Spatial variations, especially vertical distribution, in biodiversity of Microsporidia in Lake Baikal amphipods remain poorly investigated. Thus, the aim of the current study was to search for diversity of Microsporidia in the haemolymph of endemic amphipods inhabiting littoral, sublittoral and deep-water zones of the lake in all three basins of Baikal: Southern, Central and Northern.

Materials and Methods

Sampling and location

To study microsporidian biodiversity, the haemolymph of 22 amphipod species from 11 points of Lake Baikal was used (Table S1). The following seven species were collected at depths of 0–1 m using a hand net in the period from 2011 to 2016: Eulimnogammarus verrucosus, E. cyaneus, E. marituji, E. vitatus, E. maaki, E. viridis olivaceus, Pallasea cancelus. The other amphipod species were sampled from depths of 20–200 m: Acanthogammarus victorii maculosus, A. flavus, A. lappaceus longispinus, A. godlewskii, A. brevispinus, A. reicherii, Carinurus belkini, Garjajewia cabanisi, Propachygammarus maximus, Ommatogammarus carneolus melanophthalmus, Parapallasea lagovskii, P. puzyllii, P. brandtia, P. kesslerii, P. grubii. The latter group of species was collected during the expeditions in 2014 and 2016 using a trawl, dredge and deep-water traps with rotten fish installed at a depth of 200 m. In this work, only benthic amphipod species were studied. The chosen amphipod species are not endangered or protected.

Species determination was performed according to the identification key (Bazikalova, 1945; Takhteev & Didorenko, 2015).

The collections cover all three of Lake Baikal’s basins: the Southern (Listvyanka, Bolshie Koty, Port Baikal), the Central (Olkhon Island, Kharauz, Ushkany Islands) and the Northern (Kotelnikovskiy Cap), including both the Western (Listvyanka, Bolshie Koty, Port Baikal) and Eastern (Kharauz) shores (Fig. 1). Around Olkhon Island, five sampling points were screened: Burkhan Cape, Cape Umysh-Tame, Olkhon Gate, Kharantsy Island and Peschanka Bay. The Lake Baikal’s basins and the Angara River act as natural geographic barriers for benthic amphipods (Mashiko, 2000; Gomanenko et al., 2005). No specific permissions were required for sampling of amphipods in these locations.

Sampling sites for amphipod collection in Lake Baikal.

Figure 1: Sampling sites for amphipod collection in Lake Baikal.

Grey dots correspond to sites where no infected amphipods were found, while black dots mark places where microsporidian DNA was identified in amphipod haemolymph. The bathymetric map of Lake Baikal was taken from http://users.ugent.be/ mdbatist/intas/intas.htm and modified with CorelDRAW.

Haemolymph extraction

Haemolymph extraction was performed from live amphipods in a laboratory using a glass capillary. Each sample subsequently used for DNA extraction (volumes ranging from 50 to 100 µl) contained haemolymph collected from one or pooled from several individualsof the same species. The number of individuals per sample depended on the size of the amphipods (1–50 individuals; see Table S1 for details). Isolated haemolymph samples were stored in liquid nitrogen.

DNA extraction and PCR

Total DNA extraction from individual or pooled haemolymph was performed using the “Riboprep” reagent kit (AmpliSens, Moscow, Russia). The concentration and purity of the isolated DNA was determined using the UV spectrophotometer UNICO 2802 (UNICO, Franksville, WI, USA).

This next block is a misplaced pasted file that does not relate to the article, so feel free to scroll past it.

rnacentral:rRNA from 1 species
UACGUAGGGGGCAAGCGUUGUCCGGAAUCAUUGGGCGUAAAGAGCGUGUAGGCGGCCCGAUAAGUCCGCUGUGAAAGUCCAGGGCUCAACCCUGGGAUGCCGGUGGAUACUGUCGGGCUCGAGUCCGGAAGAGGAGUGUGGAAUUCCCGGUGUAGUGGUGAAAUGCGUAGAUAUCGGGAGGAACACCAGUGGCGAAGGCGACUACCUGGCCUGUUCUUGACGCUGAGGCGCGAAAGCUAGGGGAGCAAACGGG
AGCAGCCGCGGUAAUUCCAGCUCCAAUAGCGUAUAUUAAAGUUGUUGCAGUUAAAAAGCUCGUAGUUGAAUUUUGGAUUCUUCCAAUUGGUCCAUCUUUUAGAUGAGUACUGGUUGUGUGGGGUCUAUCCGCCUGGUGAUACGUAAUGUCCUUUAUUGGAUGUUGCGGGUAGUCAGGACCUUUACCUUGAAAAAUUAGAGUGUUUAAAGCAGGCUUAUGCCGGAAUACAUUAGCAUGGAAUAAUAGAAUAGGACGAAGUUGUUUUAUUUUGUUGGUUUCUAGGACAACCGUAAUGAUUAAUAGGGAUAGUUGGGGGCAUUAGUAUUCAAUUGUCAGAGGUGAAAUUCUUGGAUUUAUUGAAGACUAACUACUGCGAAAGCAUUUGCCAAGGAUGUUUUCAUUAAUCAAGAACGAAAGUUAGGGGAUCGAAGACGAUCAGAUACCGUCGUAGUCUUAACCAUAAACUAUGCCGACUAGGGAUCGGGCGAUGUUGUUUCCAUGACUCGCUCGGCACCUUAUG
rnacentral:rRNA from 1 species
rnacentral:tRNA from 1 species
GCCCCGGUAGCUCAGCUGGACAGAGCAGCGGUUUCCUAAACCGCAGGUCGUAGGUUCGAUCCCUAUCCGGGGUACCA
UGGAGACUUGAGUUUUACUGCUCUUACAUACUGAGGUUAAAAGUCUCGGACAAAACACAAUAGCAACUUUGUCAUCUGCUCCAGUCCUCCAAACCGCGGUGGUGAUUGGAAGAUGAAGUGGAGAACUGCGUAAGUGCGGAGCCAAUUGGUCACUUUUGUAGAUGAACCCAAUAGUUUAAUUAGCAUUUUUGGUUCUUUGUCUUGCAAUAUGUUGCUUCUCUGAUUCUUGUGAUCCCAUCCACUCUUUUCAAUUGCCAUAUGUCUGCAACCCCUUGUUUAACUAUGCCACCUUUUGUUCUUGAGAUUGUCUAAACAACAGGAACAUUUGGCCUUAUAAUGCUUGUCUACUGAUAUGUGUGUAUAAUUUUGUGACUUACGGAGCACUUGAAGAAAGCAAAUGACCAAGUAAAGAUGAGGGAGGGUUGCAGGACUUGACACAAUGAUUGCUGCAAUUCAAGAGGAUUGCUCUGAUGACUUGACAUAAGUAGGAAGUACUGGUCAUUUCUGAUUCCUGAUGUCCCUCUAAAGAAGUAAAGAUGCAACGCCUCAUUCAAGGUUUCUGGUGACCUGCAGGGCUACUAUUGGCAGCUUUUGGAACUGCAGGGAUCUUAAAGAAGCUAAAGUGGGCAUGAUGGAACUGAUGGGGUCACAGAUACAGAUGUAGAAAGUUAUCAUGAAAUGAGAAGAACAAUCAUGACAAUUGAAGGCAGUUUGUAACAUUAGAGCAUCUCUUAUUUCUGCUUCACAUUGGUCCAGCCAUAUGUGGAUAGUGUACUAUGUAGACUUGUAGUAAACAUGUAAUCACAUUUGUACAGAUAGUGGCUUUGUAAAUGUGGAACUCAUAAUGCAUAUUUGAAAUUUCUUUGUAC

The small subunit of ribosomal DNA (SSU rDNA) of the Microsporidia was selected as a molecular phylogenetic marker. Amplification was performed in the nested PCR with universal primers for Microsporidia: V1f: 5′-CACCAGGTTGATTCTGCCTGAC-3′ (Weiss et al., 1994); 1342r: 5′-ACGGGCGGTGTGTACAAAGAACAG-3′ (McClymont et al., 2005); 18sf: 5′-GTTGATTCTGCCTGACGT-3′ (Baker et al., 1995); and 981r: 5′-TGGTAAGCTGTCCCGCGTTGAGTC-3′ (MacNeil et al., 2003). Each PCR was performed in a Gradient Thermocycler (Biometra, Göttingen, Germany) in a volume of 25 µl and contained 1X PCR buffer, 6.25 pmol of each dNTP, 2.5 U SynTaq DNA polymerase, 6.25 pmol MgCl2, 10 pmol primers, 3 µl of DNA template, and deionized water. The conditions for the first round were 95 °C for 5 min, followed by 40 cycles of 95 °C for 30 s, 55 °C for 30 s, and 72 °C for 90 s, and then 72 °C for 7 min. Conditions for the second round of PCR were 95 °C for 5 min, followed by 35 cycles of 95 °C for 30 s, 52 °C for 30 sec, and 72 °C for 1 min, followed by 72 °C for 7 min.

The PCR products of the second round were visualized in 1% agarose gels, and products of the expected size were excised from the gel and purified by ethanol and sodium acetate precipitation (Sambrook, Fritsch & Maniatis, 1989). Sequencing of the amplified DNA fragments was performed using Genetic Analyzer 3500 xL (Applied Biosystems, Tokyo, Japan) with the BigDye Terminator Cycle Sequencing kit v.3.1 (Applied Biosystems, Foster City, CA, USA).

Nucleotide sequence analysis, phylogenetic reconstruction and statistical analysis

The obtained sequences were identified with NCBI nucleotide BLAST with default parameters against the nt database (last accessed 2018/05/17). The best B hit belonging to a sample identified in other studies was chosen to describe the samples (Table S2).

The sequences were aligned with the MAFFT 7.397 E-INS-i strategy (Katoh, Asimenos & Toh, 2009) and then trimmed with Gblocks (Castresana, 2000) accessed through the Phylogeny.fr web interface (Dereeper et al., 2008) with all options for less stringent selection checked. The resulting alignment (File S1) contained 514 bases. Nucleotide substitution models were evaluated with jModelTest 2.1.10 (Guindon & Gascuel, 2003; Darriba et al., 2012). The best model according to Bayesian information criterion (BIC) score was TrN+G with GTR+G falling very close behind. As the formed model was not available in RAxML, GTR+G was used for all calculations. The phylogenetic tree was reconstructed with BEAST 2.5 (Bouckaert et al., 2014) for 10,000,000 generations with sampling every 1,000th tree. After this run, ESS value was close to 150, indicating acceptable convergence. In addition, we reconstructed the tree with RAxML 8.2.11 (Stamatakis, 2014) under the GTRGAMMA model and 5,000 rapid boostrap generations. RAxML bootstrap results were reanalysed with the tree obtained with BEAST to get comparable support rates for the nodes. Raw trees obtained with BEAST and RAxML are shown in Tree S1 and Tree S2, respectively. The results were visualized in FigTree 1.4.2 (http://tree.bio.ed.ac.uk/software/figtree/) and Dendroscope, and Fig. 2 was prepared with the ggtree package (Yu et al., 2017) for R (R Core Team, 2017) and Inkscape (https://inkscape.org/en/).